Consumer Confidence Waning Again With COVID-19 Variant on the Rise According to First Insight Survey

– Proof of Vaccinations for Entry to Restaurants and Other Establishments Not Swaying Those Unwilling to Get Vaccinated

– Low Vaccination Rate Among Women and Millennials Could Hamper Back-to-School Sales

Despite gains made in consumer confidence as recently as July, 2021, a new consumer study conducted last week by First Insight has indicated that the unvaccinated plan to stay that way and that the Delta variant is negatively affecting consumer confidence in the U.S.

Of the respondents unwilling to get vaccinated, 90 percent of them indicated that they won’t consider getting the vaccine to ensure access to restaurants and businesses across the country that have begun to implement proof-of-vaccine mandates.

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“The Impact of Coronavirus on Consumer Purchase Decisions and Behaviors.”

Additionally, the survey saw a 25 percent increase since July 2021 in the number of consumers admitting that they are “very or somewhat worried” about the Coronavirus, from 51 percent to 64 percent, the highest one-month jump recorded since March, 2020. The recent findings further indicate that more than half (56 percent) of the consumers surveyed last week will be cutting back on their spending, an increase of 8 percent over last month.

Greg Petro, CEO of First Insight, said, “It is very telling that a mere 10 percent of respondents say they would consider getting the vaccine due to some businesses and restaurants requiring proof of vaccination. It appears that people’s minds are made up about whether to get vaccinated and more education may be required to change their minds. Hopefully, we will spend the time and effort to do so for everyone’s sake, thus allowing everyone to make his or her own, educated choice.”

Since the onset of the Coronavirus pandemic, First Insight has been engaged in a longitudinal study, polling more than 10,000 American consumers in total balanced across gender, geography and generations to gauge their overall concern about the virus, how COVID-19 will affect their spending, and whether the vaccine’s availability would alter their shopping behavior. This most recent study was fielded on August 5, 2021.

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Notably, as the back-to-school shopping season kicks into high gear, safety concerns around in-store shopping have also increased over the past month. Fifty-three percent of respondents report that they feel unsafe trying on products in dressing rooms, 49 percent feel unsafe trying on shoes, and 71 percent feel unsafe testing beauty products in store. Fifty-six percent of respondents stated they feel unsafe working with a sales associate, a 30 percent increase from last month. However, this is not necessarily bad news for retail, as online shopping continues to rise, even at lower, single-digit growth rates than during the height of the pandemic.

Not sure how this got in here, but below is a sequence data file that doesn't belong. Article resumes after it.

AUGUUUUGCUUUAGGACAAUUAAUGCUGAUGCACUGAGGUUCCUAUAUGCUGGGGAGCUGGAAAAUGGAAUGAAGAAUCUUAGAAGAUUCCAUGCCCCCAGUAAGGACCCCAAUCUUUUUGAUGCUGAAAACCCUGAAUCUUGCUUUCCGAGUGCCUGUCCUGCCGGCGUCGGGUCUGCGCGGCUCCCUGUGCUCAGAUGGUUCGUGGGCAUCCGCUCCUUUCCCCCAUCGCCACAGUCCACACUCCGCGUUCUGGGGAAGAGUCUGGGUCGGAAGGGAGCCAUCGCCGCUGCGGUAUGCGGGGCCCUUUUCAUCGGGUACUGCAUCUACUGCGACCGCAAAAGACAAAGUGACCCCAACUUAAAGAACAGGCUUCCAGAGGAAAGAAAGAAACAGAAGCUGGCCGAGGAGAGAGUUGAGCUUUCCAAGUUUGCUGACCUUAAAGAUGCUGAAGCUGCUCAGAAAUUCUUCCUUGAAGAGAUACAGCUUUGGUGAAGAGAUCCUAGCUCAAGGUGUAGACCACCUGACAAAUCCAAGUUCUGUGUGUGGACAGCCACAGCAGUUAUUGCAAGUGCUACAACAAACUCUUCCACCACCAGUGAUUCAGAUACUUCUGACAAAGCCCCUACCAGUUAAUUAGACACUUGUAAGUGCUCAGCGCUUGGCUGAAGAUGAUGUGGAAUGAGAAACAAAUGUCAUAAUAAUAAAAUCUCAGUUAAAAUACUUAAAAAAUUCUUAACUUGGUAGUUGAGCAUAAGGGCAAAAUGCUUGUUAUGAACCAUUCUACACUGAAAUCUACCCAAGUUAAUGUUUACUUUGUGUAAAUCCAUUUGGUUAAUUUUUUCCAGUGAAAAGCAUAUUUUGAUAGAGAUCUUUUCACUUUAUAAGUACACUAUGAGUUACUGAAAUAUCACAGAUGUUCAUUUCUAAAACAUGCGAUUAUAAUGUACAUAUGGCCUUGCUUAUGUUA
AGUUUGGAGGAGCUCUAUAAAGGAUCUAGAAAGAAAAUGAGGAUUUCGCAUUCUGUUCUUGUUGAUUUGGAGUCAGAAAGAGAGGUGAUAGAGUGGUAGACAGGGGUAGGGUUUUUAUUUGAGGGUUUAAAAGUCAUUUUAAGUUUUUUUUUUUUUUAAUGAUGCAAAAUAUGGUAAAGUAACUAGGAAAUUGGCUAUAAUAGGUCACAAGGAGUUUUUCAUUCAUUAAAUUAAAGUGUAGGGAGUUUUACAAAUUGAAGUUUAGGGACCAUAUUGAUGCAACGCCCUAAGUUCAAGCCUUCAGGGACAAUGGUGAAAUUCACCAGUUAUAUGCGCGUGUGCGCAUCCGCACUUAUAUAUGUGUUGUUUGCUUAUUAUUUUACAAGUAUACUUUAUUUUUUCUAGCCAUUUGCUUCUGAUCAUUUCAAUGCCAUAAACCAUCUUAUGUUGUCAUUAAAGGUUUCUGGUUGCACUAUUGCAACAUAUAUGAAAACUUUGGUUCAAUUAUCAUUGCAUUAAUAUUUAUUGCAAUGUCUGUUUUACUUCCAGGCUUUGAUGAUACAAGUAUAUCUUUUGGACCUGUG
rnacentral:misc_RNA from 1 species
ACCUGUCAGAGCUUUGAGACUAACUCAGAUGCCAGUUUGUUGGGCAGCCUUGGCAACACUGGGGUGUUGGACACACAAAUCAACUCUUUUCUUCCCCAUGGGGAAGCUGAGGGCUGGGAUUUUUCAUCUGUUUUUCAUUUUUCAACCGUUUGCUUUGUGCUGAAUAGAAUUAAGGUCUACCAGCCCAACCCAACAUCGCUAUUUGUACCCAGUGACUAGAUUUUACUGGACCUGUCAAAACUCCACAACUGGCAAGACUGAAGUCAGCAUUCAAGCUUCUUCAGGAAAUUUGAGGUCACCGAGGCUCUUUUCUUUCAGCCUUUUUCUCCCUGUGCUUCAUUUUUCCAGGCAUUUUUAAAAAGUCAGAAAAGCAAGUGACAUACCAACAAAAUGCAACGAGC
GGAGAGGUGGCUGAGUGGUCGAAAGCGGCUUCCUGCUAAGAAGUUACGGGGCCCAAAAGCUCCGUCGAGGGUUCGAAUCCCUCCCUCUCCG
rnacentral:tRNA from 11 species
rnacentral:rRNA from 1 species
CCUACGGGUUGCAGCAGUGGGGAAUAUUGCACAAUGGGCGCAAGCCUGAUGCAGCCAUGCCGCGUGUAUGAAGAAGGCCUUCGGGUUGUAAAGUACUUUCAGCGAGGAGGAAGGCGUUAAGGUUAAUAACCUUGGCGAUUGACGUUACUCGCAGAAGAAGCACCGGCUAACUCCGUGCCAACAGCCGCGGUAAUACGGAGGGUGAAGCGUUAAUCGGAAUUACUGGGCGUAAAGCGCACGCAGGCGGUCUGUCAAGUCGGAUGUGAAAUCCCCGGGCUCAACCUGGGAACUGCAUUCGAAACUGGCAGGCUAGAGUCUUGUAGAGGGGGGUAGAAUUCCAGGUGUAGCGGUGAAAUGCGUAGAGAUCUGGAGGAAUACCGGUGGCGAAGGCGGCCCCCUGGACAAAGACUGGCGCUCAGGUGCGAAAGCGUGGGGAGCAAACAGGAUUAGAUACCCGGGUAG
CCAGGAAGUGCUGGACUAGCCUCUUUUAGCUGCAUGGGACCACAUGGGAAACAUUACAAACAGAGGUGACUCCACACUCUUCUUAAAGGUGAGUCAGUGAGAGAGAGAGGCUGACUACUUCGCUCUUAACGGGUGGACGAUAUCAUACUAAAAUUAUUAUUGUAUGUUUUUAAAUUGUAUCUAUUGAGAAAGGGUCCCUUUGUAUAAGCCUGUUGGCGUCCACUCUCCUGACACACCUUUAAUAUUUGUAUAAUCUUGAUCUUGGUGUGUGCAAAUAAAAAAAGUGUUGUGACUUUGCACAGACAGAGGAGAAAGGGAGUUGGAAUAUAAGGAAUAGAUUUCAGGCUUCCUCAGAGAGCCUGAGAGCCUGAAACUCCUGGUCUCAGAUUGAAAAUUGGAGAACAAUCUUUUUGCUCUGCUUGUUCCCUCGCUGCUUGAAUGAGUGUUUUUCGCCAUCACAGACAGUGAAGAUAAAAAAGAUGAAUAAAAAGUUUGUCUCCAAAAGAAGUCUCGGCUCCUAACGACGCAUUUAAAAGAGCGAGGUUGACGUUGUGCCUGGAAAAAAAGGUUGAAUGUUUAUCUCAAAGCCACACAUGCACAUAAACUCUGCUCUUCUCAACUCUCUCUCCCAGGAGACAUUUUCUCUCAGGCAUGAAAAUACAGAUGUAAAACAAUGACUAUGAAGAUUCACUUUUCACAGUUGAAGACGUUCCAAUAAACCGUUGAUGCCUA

Petro added, “I believe the trends we’re seeing may very well lead to families hunkering down again and curtailing experiential spending, especially for domestic and international travel, and shifting this spend toward physical products, including back to school items. Interestingly, women, the primary back-to-school shoppers, are significantly less likely to be vaccinated than men, with fully one-third of women stating that they don’t intend to be vaccinated vs. only 18 percent of men. Further, Millennials, the generation most likely to have school-age children, are also the least likely generation to be vaccinated.”

Restaurants and travel will also be affected by the increase in concern over the spread of the Delta variant. Two-thirds of those surveyed have said that they won’t go to restaurants or are cutting back significantly on dining out. Forty-four percent have canceled trips due to recent COVID-19 changes, and 65 percent have said that they won’t travel internationally. Furthermore, more than half (53 percent) have said that their return-to-work plans have changed.

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